Why Nintendo Switch Will Fail Like The Wii U
While a certain quarter of Nintendo’s fanbase are lapping up the new machine, an awful lot of people feel the same old mistakes are being made, mistakes that will ultimately hurt the console’s chances of success.
Nintendo creates awesome games. No one is questioning the company’s ability to produce more tremendous entries in the Mario, Mario Kart, Splatoon, Metroid, Animal Crossing, and Pokemon franchises. The Switch will almost certainly be home to some of the greatest games ever made, simply because Nintendo is making them. But those games aren’t enough.
You know what other system had some of Nintendo’s best games of all time? The Wii U. And we all know how well that turned out for Nintendo. Nintendo games must be accompanied by titles from the likes of EA, Ubisoft, Activision, Capcom and the rest if the Switch is to fulfil its potential as the perfect system to game at home or while on the move. Players will want Call of Duty, Mass Effect, FIFA, Far Cry, Assassin’s Creed, Resident Evil and all the other big titles that sell millions of copies on PS4 and Xbox One.
Given the disappointing show of support these publishers have shown so far (the FIFA announcement didn’t scream confidence in the system), the Switch looks set to follow the same disappointing path set by the Wii U. A path that will ultimately lead to failure.
Everyone loves a spec war. In the months (sometimes years) leading up to the launch of a new console, online discussion and speculation about raw performance is rife. Cast your mind back four years or so and you might remember large swathes of online gaming communities being convinced that the Xbox One would slaughter the PS4 in terms of computing power. Reality proved to be very different.
The Nintendo Switch was never expected to be a performance juggernaut, but many people were hoping for a system than catapulted Nintendo software into the modern age, visually speaking. Once again, pre-launch talk proved to be nonsense. The Switch is an improvement on the Wii U, but not a massive leap, and certainly not up to par with the market leading PlayStation 4 – a system that will have been on sale for almost three and a half years come Switch release day on March 3, 2017.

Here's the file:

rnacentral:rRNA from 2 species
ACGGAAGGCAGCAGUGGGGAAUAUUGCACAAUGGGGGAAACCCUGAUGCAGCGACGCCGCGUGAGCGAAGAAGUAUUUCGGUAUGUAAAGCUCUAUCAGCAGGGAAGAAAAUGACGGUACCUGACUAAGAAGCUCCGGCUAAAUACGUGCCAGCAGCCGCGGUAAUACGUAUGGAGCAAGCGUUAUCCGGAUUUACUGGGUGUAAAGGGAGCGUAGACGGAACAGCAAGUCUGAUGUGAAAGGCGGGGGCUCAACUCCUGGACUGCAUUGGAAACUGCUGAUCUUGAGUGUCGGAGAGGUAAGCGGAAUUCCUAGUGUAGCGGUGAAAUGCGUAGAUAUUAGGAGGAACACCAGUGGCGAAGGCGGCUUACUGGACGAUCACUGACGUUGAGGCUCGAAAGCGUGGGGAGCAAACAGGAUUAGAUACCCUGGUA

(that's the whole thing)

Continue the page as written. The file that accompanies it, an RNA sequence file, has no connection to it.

Part of Switch’s problem comes from the fact that Nintendo is pitching the machine as a handheld and a home console. As a machine to play plugged into your lovely 4K TV, Switch is simply way behind the tech curve, but think of it as a handheld and Nintendo has actually created a lovely, well-specced gadget. A hybrid machine has many benefits, but when compared to other home consoles Switch loses big time.
Online Service Plan
Nintendo has taken a less vigourous approach to online gaming that its rivals Sony and Microsoft. PlayStation and Xbox owners have been enjoying (mostly) PSN and Xbox Live for many years now, with both commanding a monthly or yearly fee in order to play with others online. For console owners it’s an accepted part of the industry. Your money doesn’t only get you online play, though, with PlayStation Plus and Xbox Games with Gold providing a selection of titles each month for all subscribers, yours to keep and play for as long as you continue to pay.
Step up the Nintendo Switch and its online service. After a free trial period, online play, voice chat, and game discounts will all require a membership fee (a fee that is yet to be announced). This is a big change for Nintendo, and something its users may struggle to accept considering it’s never been a priority. A free game will be offered each month, but it will only be one (not the sizable handful PlayStation and Xbox owners receive), it’ll be NES or SNES title, and it’ll only be playable with your subscription for a single month. Going on what is known, Nintendo’s online service for Switch will have to be significantly under the £40 paid for PlayStation Plus and Xbox Live Gold.
The year is 2017. The default internal storage for a games console is 500 GB. That is enough to get by, but start building a large library on PS4 or Xbox One and that storage space will soon run out. Unless you want to play the Game Library Shuffle, deleting titles each time you buy something new, 1 TB is a much better amount of storage to play with. Some people even add their own extra storage. The point here is that modern games, what with their large download sizes and sizable patches, need plenty of space.
Nintendo clearly doesn’t agree. The Switch comes with 32 GB of internal storage. That’s 468 GB less than the lowest spec PS4 and Xbox One. That is going to fill extremely quickly if you download games from the eShop. Think of the Switch as a handheld and once again the picture isn’t so bleak. Smart phones and tablets are still sold with 8 GB of storage space, with 32 GB being seen as pretty generous. But Switch isn’t just a handheld, and people will want more space. Additional memory in the form of Micro SD cards is easily added, but a 128 GB card will set you back another £30-£40.
Source – Whatculture
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